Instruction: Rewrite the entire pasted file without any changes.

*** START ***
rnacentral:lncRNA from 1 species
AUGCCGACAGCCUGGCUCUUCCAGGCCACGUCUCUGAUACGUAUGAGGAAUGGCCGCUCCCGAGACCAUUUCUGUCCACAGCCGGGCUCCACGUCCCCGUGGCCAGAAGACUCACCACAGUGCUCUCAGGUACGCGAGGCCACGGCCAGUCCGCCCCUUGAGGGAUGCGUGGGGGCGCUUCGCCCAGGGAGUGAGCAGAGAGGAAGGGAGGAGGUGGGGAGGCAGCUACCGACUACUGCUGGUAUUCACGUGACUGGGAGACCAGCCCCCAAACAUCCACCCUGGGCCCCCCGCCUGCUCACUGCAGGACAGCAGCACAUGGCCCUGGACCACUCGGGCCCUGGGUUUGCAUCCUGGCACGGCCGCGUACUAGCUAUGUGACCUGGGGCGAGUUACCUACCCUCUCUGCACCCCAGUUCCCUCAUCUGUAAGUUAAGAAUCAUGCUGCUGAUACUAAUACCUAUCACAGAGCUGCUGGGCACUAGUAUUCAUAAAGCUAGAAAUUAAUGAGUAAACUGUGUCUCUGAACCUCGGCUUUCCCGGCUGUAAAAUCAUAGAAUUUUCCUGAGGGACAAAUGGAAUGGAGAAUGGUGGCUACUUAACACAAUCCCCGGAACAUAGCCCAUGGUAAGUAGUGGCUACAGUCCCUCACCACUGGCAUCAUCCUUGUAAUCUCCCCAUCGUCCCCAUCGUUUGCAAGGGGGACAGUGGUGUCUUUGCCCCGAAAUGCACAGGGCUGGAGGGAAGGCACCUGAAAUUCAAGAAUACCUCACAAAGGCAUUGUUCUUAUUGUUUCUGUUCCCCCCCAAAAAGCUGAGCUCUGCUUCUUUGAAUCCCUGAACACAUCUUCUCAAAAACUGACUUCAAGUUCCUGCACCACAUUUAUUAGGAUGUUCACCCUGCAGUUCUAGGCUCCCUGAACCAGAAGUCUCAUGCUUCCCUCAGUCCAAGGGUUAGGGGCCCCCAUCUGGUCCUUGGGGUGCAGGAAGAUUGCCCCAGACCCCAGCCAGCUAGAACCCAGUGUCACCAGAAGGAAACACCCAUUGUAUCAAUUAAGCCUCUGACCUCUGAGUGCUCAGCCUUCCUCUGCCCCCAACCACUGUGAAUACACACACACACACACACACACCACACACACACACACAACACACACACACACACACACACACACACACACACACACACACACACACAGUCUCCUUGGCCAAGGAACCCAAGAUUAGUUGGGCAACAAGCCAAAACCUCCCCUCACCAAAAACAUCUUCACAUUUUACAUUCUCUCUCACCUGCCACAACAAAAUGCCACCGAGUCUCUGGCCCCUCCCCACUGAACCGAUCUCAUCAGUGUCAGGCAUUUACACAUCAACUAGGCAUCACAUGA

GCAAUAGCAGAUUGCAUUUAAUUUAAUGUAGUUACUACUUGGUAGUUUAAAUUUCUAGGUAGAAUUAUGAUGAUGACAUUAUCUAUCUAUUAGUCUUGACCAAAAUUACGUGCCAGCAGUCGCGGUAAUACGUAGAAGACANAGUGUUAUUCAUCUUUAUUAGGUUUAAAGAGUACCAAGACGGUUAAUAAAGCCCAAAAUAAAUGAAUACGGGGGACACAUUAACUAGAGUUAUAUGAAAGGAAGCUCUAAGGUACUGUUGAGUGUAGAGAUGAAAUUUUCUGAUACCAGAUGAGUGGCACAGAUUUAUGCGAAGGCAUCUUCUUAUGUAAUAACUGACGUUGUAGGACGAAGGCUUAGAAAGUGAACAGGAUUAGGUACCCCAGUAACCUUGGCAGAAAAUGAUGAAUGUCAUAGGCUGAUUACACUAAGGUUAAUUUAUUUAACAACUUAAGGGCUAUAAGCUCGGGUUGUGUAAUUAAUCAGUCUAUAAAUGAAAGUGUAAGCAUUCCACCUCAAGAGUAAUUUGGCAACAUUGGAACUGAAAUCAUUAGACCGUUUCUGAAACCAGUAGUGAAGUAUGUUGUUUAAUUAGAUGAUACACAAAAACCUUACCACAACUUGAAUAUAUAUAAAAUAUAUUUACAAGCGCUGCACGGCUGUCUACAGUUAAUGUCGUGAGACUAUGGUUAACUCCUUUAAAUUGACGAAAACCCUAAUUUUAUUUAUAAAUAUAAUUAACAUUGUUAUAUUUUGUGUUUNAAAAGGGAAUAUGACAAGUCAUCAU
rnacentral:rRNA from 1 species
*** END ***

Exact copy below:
rnacentral:lncRNA from 1 species
AUGCCGACAGCCUGGCUCUUCCAGGCCACGUCUCUGAUACGUAUGAGGAAUGGCCGCUCCCGAGACCAUUUCUGUCCACAGCCGGGCUCCACGUCCCCGUGGCCAGAAGACUCACCACAGUGCUCUCAGGUACGCGAGGCCACGGCCAGUCCGCCCCUUGAGGGAUGCGUGGGGGCGCUUCGCCCAGGGAGUGAGCAGAGAGGAAGGGAGGAGGUGGGGAGGCAGCUACCGACUACUGCUGGUAUUCACGUGACUGGGAGACCAGCCCCCAAACAUCCACCCUGGGCCCCCCGCCUGCUCACUGCAGGACAGCAGCACAUGGCCCUGGACCACUCGGGCCCUGGGUUUGCAUCCUGGCACGGCCGCGUACUAGCUAUGUGACCUGGGGCGAGUUACCUACCCUCUCUGCACCCCAGUUCCCUCAUCUGUAAGUUAAGAAUCAUGCUGCUGAUACUAAUACCUAUCACAGAGCUGCUGGGCACUAGUAUUCAUAAAGCUAGAAAUUAAUGAGUAAACUGUGUCUCUGAACCUCGGCUUUCCCGGCUGUAAAAUCAUAGAAUUUUCCUGAGGGACAAAUGGAAUGGAGAAUGGUGGCUACUUAACACAAUCCCCGGAACAUAGCCCAUGGUAAGUAGUGGCUACAGUCCCUCACCACUGGCAUCAUCCUUGUAAUCUCCCCAUCGUCCCCAUCGUUUGCAAGGGGGACAGUGGUGUCUUUGCCCCGAAAUGCACAGGGCUGGAGGGAAGGCACCUGAAAUUCAAGAAUACCUCACAAAGGCAUUGUUCUUAUUGUUUCUGUUCCCCCCCAAAAAGCUGAGCUCUGCUUCUUUGAAUCCCUGAACACAUCUUCUCAAAAACUGACUUCAAGUUCCUGCACCACAUUUAUUAGGAUGUUCACCCUGCAGUUCUAGGCUCCCUGAACCAGAAGUCUCAUGCUUCCCUCAGUCCAAGGGUUAGGGGCCCCCAUCUGGUCCUUGGGGUGCAGGAAGAUUGCCCCAGACCCCAGCCAGCUAGAACCCAGUGUCACCAGAAGGAAACACCCAUUGUAUCAAUUAAGCCUCUGACCUCUGAGUGCUCAGCCUUCCUCUGCCCCCAACCACUGUGAAUACACACACACACACACACACACCACACACACACACACAACACACACACACACACACACACACACACACACACACACACACACACACAGUCUCCUUGGCCAAGGAACCCAAGAUUAGUUGGGCAACAAGCCAAAACCUCCCCUCACCAAAAACAUCUUCACAUUUUACAUUCUCUCUCACCUGCCACAACAAAAUGCCACCGAGUCUCUGGCCCCUCCCCACUGAACCGAUCUCAUCAGUGUCAGGCAUUUACACAUCAACUAGGCAUCACAUGA

GCAAUAGCAGAUUGCAUUUAAUUUAAUGUAGUUACUACUUGGUAGUUUAAAUUUCUAGGUAGAAUUAUGAUGAUGACAUUAUCUAUCUAUUAGUCUUGACCAAAAUUACGUGCCAGCAGUCGCGGUAAUACGUAGAAGACANAGUGUUAUUCAUCUUUAUUAGGUUUAAAGAGUACCAAGACGGUUAAUAAAGCCCAAAAUAAAUGAAUACGGGGGACACAUUAACUAGAGUUAUAUGAAAGGAAGCUCUAAGGUACUGUUGAGUGUAGAGAUGAAAUUUUCUGAUACCAGAUGAGUGGCACAGAUUUAUGCGAAGGCAUCUUCUUAUGUAAUAACUGACGUUGUAGGACGAAGGCUUAGAAAGUGAACAGGAUUAGGUACCCCAGUAACCUUGGCAGAAAAUGAUGAAUGUCAUAGGCUGAUUACACUAAGGUUAAUUUAUUUAACAACUUAAGGGCUAUAAGCUCGGGUUGUGUAAUUAAUCAGUCUAUAAAUGAAAGUGUAAGCAUUCCACCUCAAGAGUAAUUUGGCAACAUUGGAACUGAAAUCAUUAGACCGUUUCUGAAACCAGUAGUGAAGUAUGUUGUUUAAUUAGAUGAUACACAAAAACCUUACCACAACUUGAAUAUAUAUAAAAUAUAUUUACAAGCGCUGCACGGCUGUCUACAGUUAAUGUCGUGAGACUAUGGUUAACUCCUUUAAAUUGACGAAAACCCUAAUUUUAUUUAUAAAUAUAAUUAACAUUGUUAUAUUUUGUGUUUNAAAAGGGAAUAUGACAAGUCAUCAU
rnacentral:rRNA from 1 species